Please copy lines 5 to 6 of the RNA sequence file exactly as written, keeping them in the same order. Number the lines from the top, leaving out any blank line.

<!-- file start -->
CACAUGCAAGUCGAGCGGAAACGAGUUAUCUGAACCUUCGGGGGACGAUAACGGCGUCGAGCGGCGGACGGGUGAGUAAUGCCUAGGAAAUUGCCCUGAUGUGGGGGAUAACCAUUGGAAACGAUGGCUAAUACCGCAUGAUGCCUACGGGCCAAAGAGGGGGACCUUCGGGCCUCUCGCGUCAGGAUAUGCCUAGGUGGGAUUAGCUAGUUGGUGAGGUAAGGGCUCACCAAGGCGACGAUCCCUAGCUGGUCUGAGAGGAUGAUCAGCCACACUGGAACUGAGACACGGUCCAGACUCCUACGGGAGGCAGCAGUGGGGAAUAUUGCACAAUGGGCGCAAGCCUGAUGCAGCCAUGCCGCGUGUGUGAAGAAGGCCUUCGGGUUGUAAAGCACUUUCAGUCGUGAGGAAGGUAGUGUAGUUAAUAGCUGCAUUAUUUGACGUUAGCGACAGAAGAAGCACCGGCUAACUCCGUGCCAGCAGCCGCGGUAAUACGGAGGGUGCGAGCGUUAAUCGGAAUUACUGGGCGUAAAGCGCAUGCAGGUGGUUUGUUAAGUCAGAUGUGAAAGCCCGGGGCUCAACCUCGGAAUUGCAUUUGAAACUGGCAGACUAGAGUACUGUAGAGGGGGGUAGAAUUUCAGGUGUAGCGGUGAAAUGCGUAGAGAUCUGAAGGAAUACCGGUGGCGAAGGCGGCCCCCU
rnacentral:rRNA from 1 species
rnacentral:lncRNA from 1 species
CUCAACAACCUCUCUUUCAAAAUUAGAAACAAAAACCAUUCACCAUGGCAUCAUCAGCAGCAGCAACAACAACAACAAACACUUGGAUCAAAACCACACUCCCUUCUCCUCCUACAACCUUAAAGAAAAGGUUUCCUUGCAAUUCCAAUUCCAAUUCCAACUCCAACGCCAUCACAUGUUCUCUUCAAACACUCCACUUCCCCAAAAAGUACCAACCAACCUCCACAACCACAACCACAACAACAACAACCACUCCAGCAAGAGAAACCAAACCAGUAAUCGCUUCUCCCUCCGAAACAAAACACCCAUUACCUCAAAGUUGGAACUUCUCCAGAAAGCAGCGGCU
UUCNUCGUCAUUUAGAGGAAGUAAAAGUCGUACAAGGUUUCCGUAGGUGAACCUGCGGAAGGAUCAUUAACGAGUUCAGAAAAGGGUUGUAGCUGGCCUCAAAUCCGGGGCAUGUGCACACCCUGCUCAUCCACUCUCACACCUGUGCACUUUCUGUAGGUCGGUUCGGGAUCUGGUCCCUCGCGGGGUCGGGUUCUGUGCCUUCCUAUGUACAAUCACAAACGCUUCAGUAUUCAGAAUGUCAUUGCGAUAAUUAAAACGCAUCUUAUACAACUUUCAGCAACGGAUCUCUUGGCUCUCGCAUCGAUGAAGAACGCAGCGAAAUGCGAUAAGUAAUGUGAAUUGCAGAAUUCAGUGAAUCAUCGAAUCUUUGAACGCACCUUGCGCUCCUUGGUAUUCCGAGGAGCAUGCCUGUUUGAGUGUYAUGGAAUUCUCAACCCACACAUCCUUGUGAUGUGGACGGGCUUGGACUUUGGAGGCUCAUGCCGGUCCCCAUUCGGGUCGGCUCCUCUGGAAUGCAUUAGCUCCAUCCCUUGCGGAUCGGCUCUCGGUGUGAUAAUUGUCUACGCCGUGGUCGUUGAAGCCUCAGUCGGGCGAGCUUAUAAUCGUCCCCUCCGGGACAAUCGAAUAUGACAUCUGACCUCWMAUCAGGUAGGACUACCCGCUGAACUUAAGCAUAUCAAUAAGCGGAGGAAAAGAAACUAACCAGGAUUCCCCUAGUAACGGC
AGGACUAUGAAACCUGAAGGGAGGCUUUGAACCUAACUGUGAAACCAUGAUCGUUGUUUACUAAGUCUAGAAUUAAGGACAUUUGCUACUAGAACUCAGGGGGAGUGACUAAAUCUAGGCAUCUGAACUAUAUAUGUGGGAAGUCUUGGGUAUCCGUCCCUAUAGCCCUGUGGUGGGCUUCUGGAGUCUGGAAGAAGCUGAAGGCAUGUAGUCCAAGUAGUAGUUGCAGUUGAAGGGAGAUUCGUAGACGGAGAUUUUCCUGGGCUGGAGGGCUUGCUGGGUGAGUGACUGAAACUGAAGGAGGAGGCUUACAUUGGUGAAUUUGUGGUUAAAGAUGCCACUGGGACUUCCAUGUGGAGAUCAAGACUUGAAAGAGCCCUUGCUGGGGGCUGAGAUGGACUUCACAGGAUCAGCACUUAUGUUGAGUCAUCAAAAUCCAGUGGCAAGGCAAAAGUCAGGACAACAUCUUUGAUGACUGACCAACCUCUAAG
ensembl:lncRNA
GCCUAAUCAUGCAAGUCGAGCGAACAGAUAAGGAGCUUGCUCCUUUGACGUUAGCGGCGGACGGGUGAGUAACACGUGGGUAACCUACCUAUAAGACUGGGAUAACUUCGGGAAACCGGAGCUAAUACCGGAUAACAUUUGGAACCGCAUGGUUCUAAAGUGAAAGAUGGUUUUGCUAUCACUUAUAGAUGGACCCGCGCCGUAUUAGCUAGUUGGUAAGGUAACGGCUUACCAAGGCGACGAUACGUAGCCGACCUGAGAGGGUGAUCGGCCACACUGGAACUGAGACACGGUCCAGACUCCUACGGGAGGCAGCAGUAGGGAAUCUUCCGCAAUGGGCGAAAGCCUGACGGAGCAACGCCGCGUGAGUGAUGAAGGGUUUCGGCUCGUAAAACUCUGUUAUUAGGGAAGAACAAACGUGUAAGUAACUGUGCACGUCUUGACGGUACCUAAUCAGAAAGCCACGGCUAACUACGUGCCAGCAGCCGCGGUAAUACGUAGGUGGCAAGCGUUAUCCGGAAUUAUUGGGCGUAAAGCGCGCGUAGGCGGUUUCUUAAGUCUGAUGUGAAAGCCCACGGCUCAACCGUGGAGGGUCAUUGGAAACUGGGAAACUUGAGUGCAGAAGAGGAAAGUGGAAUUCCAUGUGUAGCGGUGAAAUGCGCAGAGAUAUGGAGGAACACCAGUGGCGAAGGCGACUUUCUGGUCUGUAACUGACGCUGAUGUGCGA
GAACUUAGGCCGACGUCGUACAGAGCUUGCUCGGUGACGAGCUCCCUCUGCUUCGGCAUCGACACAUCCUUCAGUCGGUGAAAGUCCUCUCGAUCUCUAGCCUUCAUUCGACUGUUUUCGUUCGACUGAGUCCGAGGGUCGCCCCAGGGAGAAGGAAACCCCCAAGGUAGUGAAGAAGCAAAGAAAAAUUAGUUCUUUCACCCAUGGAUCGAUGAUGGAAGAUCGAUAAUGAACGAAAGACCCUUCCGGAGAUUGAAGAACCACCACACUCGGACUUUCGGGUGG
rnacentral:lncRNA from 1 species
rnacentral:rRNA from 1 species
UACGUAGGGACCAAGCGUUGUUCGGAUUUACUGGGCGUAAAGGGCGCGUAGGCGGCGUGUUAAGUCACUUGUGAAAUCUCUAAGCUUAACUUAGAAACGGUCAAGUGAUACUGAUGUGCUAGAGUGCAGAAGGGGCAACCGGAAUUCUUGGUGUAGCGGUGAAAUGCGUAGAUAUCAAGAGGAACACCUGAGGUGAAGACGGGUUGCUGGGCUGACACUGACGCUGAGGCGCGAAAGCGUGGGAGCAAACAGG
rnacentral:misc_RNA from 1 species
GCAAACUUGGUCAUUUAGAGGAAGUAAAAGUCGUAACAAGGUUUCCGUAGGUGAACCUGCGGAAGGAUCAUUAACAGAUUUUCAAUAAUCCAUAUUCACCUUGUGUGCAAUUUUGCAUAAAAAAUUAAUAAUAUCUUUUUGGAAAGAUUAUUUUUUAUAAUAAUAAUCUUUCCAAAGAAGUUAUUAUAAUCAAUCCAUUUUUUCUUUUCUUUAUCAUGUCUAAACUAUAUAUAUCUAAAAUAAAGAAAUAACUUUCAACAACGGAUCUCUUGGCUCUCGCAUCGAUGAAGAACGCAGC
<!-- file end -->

UUCNUCGUCAUUUAGAGGAAGUAAAAGUCGUACAAGGUUUCCGUAGGUGAACCUGCGGAAGGAUCAUUAACGAGUUCAGAAAAGGGUUGUAGCUGGCCUCAAAUCCGGGGCAUGUGCACACCCUGCUCAUCCACUCUCACACCUGUGCACUUUCUGUAGGUCGGUUCGGGAUCUGGUCCCUCGCGGGGUCGGGUUCUGUGCCUUCCUAUGUACAAUCACAAACGCUUCAGUAUUCAGAAUGUCAUUGCGAUAAUUAAAACGCAUCUUAUACAACUUUCAGCAACGGAUCUCUUGGCUCUCGCAUCGAUGAAGAACGCAGCGAAAUGCGAUAAGUAAUGUGAAUUGCAGAAUUCAGUGAAUCAUCGAAUCUUUGAACGCACCUUGCGCUCCUUGGUAUUCCGAGGAGCAUGCCUGUUUGAGUGUYAUGGAAUUCUCAACCCACACAUCCUUGUGAUGUGGACGGGCUUGGACUUUGGAGGCUCAUGCCGGUCCCCAUUCGGGUCGGCUCCUCUGGAAUGCAUUAGCUCCAUCCCUUGCGGAUCGGCUCUCGGUGUGAUAAUUGUCUACGCCGUGGUCGUUGAAGCCUCAGUCGGGCGAGCUUAUAAUCGUCCCCUCCGGGACAAUCGAAUAUGACAUCUGACCUCWMAUCAGGUAGGACUACCCGCUGAACUUAAGCAUAUCAAUAAGCGGAGGAAAAGAAACUAACCAGGAUUCCCCUAGUAACGGC
AGGACUAUGAAACCUGAAGGGAGGCUUUGAACCUAACUGUGAAACCAUGAUCGUUGUUUACUAAGUCUAGAAUUAAGGACAUUUGCUACUAGAACUCAGGGGGAGUGACUAAAUCUAGGCAUCUGAACUAUAUAUGUGGGAAGUCUUGGGUAUCCGUCCCUAUAGCCCUGUGGUGGGCUUCUGGAGUCUGGAAGAAGCUGAAGGCAUGUAGUCCAAGUAGUAGUUGCAGUUGAAGGGAGAUUCGUAGACGGAGAUUUUCCUGGGCUGGAGGGCUUGCUGGGUGAGUGACUGAAACUGAAGGAGGAGGCUUACAUUGGUGAAUUUGUGGUUAAAGAUGCCACUGGGACUUCCAUGUGGAGAUCAAGACUUGAAAGAGCCCUUGCUGGGGGCUGAGAUGGACUUCACAGGAUCAGCACUUAUGUUGAGUCAUCAAAAUCCAGUGGCAAGGCAAAAGUCAGGACAACAUCUUUGAUGACUGACCAACCUCUAAG